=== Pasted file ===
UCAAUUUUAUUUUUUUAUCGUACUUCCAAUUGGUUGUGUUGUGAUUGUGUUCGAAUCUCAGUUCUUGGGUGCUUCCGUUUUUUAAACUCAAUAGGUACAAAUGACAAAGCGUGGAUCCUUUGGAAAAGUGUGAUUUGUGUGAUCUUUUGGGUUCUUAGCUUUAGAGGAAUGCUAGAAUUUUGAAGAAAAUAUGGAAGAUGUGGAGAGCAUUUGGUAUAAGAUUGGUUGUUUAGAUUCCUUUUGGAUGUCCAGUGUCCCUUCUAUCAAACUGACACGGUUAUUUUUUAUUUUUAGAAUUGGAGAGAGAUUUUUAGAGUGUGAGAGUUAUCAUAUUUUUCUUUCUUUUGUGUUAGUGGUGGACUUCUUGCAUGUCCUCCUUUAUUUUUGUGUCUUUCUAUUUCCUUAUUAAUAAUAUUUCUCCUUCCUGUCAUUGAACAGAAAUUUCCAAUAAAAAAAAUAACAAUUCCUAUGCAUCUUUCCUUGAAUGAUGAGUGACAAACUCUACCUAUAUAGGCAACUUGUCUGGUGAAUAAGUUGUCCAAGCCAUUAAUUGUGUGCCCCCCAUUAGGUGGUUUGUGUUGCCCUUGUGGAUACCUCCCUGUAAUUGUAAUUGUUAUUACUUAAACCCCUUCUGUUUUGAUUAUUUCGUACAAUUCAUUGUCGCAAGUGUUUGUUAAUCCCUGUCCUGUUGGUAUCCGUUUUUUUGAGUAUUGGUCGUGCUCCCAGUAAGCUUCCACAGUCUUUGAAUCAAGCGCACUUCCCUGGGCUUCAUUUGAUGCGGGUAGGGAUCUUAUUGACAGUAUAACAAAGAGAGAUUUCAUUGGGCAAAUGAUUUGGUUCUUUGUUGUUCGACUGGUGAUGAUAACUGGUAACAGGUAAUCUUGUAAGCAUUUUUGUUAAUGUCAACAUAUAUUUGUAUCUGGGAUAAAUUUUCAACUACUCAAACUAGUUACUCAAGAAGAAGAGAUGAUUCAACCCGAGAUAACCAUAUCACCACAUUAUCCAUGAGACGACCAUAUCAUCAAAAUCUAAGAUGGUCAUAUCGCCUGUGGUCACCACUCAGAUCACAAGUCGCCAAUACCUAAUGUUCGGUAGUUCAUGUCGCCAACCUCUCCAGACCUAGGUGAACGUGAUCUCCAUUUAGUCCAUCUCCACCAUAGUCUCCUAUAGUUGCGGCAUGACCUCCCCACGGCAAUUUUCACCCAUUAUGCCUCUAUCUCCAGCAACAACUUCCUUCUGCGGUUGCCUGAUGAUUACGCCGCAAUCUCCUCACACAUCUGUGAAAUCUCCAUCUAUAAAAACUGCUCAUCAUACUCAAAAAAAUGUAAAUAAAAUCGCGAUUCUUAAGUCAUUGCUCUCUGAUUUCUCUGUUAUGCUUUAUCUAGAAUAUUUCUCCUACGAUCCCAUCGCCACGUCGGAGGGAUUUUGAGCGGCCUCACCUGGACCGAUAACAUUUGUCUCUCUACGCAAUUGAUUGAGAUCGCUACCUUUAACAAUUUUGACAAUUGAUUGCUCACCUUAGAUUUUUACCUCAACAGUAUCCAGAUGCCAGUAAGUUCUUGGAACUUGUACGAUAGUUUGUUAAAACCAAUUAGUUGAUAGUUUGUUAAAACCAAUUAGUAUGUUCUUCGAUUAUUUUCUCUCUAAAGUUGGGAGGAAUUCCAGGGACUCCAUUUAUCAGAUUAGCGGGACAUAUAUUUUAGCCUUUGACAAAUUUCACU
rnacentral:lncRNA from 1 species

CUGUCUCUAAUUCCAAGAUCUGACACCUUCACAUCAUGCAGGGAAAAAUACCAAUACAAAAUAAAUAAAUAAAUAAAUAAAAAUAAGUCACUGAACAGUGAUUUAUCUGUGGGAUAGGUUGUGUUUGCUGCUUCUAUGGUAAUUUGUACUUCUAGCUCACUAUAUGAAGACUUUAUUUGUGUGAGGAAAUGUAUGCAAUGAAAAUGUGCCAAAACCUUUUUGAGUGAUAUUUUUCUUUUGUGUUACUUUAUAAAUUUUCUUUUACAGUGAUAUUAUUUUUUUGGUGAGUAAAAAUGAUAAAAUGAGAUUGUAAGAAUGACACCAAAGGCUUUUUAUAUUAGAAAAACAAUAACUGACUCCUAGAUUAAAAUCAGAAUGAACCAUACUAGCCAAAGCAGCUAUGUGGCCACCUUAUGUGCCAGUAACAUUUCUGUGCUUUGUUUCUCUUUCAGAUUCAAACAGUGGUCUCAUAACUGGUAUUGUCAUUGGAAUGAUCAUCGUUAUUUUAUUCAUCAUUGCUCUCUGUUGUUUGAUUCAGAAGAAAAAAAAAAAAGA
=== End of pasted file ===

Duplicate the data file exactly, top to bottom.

UCAAUUUUAUUUUUUUAUCGUACUUCCAAUUGGUUGUGUUGUGAUUGUGUUCGAAUCUCAGUUCUUGGGUGCUUCCGUUUUUUAAACUCAAUAGGUACAAAUGACAAAGCGUGGAUCCUUUGGAAAAGUGUGAUUUGUGUGAUCUUUUGGGUUCUUAGCUUUAGAGGAAUGCUAGAAUUUUGAAGAAAAUAUGGAAGAUGUGGAGAGCAUUUGGUAUAAGAUUGGUUGUUUAGAUUCCUUUUGGAUGUCCAGUGUCCCUUCUAUCAAACUGACACGGUUAUUUUUUAUUUUUAGAAUUGGAGAGAGAUUUUUAGAGUGUGAGAGUUAUCAUAUUUUUCUUUCUUUUGUGUUAGUGGUGGACUUCUUGCAUGUCCUCCUUUAUUUUUGUGUCUUUCUAUUUCCUUAUUAAUAAUAUUUCUCCUUCCUGUCAUUGAACAGAAAUUUCCAAUAAAAAAAAUAACAAUUCCUAUGCAUCUUUCCUUGAAUGAUGAGUGACAAACUCUACCUAUAUAGGCAACUUGUCUGGUGAAUAAGUUGUCCAAGCCAUUAAUUGUGUGCCCCCCAUUAGGUGGUUUGUGUUGCCCUUGUGGAUACCUCCCUGUAAUUGUAAUUGUUAUUACUUAAACCCCUUCUGUUUUGAUUAUUUCGUACAAUUCAUUGUCGCAAGUGUUUGUUAAUCCCUGUCCUGUUGGUAUCCGUUUUUUUGAGUAUUGGUCGUGCUCCCAGUAAGCUUCCACAGUCUUUGAAUCAAGCGCACUUCCCUGGGCUUCAUUUGAUGCGGGUAGGGAUCUUAUUGACAGUAUAACAAAGAGAGAUUUCAUUGGGCAAAUGAUUUGGUUCUUUGUUGUUCGACUGGUGAUGAUAACUGGUAACAGGUAAUCUUGUAAGCAUUUUUGUUAAUGUCAACAUAUAUUUGUAUCUGGGAUAAAUUUUCAACUACUCAAACUAGUUACUCAAGAAGAAGAGAUGAUUCAACCCGAGAUAACCAUAUCACCACAUUAUCCAUGAGACGACCAUAUCAUCAAAAUCUAAGAUGGUCAUAUCGCCUGUGGUCACCACUCAGAUCACAAGUCGCCAAUACCUAAUGUUCGGUAGUUCAUGUCGCCAACCUCUCCAGACCUAGGUGAACGUGAUCUCCAUUUAGUCCAUCUCCACCAUAGUCUCCUAUAGUUGCGGCAUGACCUCCCCACGGCAAUUUUCACCCAUUAUGCCUCUAUCUCCAGCAACAACUUCCUUCUGCGGUUGCCUGAUGAUUACGCCGCAAUCUCCUCACACAUCUGUGAAAUCUCCAUCUAUAAAAACUGCUCAUCAUACUCAAAAAAAUGUAAAUAAAAUCGCGAUUCUUAAGUCAUUGCUCUCUGAUUUCUCUGUUAUGCUUUAUCUAGAAUAUUUCUCCUACGAUCCCAUCGCCACGUCGGAGGGAUUUUGAGCGGCCUCACCUGGACCGAUAACAUUUGUCUCUCUACGCAAUUGAUUGAGAUCGCUACCUUUAACAAUUUUGACAAUUGAUUGCUCACCUUAGAUUUUUACCUCAACAGUAUCCAGAUGCCAGUAAGUUCUUGGAACUUGUACGAUAGUUUGUUAAAACCAAUUAGUUGAUAGUUUGUUAAAACCAAUUAGUAUGUUCUUCGAUUAUUUUCUCUCUAAAGUUGGGAGGAAUUCCAGGGACUCCAUUUAUCAGAUUAGCGGGACAUAUAUUUUAGCCUUUGACAAAUUUCACU
rnacentral:lncRNA from 1 species

CUGUCUCUAAUUCCAAGAUCUGACACCUUCACAUCAUGCAGGGAAAAAUACCAAUACAAAAUAAAUAAAUAAAUAAAUAAAAAUAAGUCACUGAACAGUGAUUUAUCUGUGGGAUAGGUUGUGUUUGCUGCUUCUAUGGUAAUUUGUACUUCUAGCUCACUAUAUGAAGACUUUAUUUGUGUGAGGAAAUGUAUGCAAUGAAAAUGUGCCAAAACCUUUUUGAGUGAUAUUUUUCUUUUGUGUUACUUUAUAAAUUUUCUUUUACAGUGAUAUUAUUUUUUUGGUGAGUAAAAAUGAUAAAAUGAGAUUGUAAGAAUGACACCAAAGGCUUUUUAUAUUAGAAAAACAAUAACUGACUCCUAGAUUAAAAUCAGAAUGAACCAUACUAGCCAAAGCAGCUAUGUGGCCACCUUAUGUGCCAGUAACAUUUCUGUGCUUUGUUUCUCUUUCAGAUUCAAACAGUGGUCUCAUAACUGGUAUUGUCAUUGGAAUGAUCAUCGUUAUUUUAUUCAUCAUUGCUCUCUGUUGUUUGAUUCAGAAGAAAAAAAAAAAAGA